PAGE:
Halictus eurygnathus had been considered extinct in Britain but was rediscovered at seven sites. It forages primarily on Greater Knapweed.
Warwickshire entomologist Steven Falk has recently completed a major study of the bees and wasps of fifteen downland sites in East Sussex. The image-rich report is now available for download.
Download Report [PDF 4.5MB]
227 species of bee and wasp were recorded including many rarities. Most notable amongst these was a solitary bee, Halictus eurygnathus, which had not been seen in Britain since 1946 and was considered nationally extinct. But reports of its demise were clearly premature as it was eventually found at seven sites. Females rely very heavily upon greater knapweed as a pollen source, and with this new information, it should be possible to conserve it and hopefully help it to spread.
The study also revealed the important role that arable field margins, flowery fallow fields and blossoming shrubs such as blackthorn play in supporting bees on the Downs. One of Britain’s rarest mining bees Andrena niveata was found to forage primarily from flowers of charlock and hedge-mustard at the edges of rape crops, a relationship that had not been noted anywhere previously.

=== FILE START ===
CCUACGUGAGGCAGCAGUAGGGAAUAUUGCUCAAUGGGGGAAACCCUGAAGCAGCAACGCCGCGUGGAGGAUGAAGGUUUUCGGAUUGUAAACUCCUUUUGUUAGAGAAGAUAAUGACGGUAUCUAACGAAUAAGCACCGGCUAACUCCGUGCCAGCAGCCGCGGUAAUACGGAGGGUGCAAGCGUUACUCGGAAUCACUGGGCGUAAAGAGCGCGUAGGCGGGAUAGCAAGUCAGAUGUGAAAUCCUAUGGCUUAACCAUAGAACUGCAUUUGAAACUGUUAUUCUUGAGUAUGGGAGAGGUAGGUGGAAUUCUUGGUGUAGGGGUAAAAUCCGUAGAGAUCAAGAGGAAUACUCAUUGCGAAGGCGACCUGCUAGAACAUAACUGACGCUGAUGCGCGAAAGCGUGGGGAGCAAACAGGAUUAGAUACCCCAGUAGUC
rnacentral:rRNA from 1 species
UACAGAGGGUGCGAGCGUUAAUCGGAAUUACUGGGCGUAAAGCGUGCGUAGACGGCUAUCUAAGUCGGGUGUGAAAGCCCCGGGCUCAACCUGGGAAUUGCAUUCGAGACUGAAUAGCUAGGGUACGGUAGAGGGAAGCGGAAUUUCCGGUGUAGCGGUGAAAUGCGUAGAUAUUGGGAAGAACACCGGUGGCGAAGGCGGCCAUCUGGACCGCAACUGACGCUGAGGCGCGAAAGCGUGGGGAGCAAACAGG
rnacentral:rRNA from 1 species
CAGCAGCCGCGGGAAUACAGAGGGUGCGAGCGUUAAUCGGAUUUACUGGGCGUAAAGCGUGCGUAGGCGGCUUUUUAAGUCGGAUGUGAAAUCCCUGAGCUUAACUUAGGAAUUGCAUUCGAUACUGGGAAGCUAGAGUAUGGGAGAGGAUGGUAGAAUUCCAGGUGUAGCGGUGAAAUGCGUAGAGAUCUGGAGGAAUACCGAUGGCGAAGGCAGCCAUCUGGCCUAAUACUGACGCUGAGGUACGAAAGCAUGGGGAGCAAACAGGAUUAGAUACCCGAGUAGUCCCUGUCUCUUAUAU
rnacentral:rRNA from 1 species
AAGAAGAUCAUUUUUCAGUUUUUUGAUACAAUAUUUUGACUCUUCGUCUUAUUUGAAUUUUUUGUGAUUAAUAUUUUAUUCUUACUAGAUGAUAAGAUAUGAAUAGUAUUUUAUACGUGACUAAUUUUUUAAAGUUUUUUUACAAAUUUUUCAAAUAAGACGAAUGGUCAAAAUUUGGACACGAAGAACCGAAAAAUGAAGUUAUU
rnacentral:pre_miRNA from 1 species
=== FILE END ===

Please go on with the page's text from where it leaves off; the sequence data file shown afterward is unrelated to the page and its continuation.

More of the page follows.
The study also revealed that some species are in trouble in East Sussex including Britain’s largest mining bee Andrena hattorfiana which forages on scabiouses. The study also failed to rediscover Culluman’s bumblebee which was last recorded in Britain in 1926 and seemingly had a good population in the Seaford area.
Steve also recorded the two-winged flies (Diptera) in the areas he visited and this will be subject to a future report. Hopefully the study will help the various landowners and land managers of the South Downs to promote these important insects, especially given the growing international concern regarding declining pollinators. Steven is also keen to encourage local naturalists to investigate less popular insect groups of the Downs.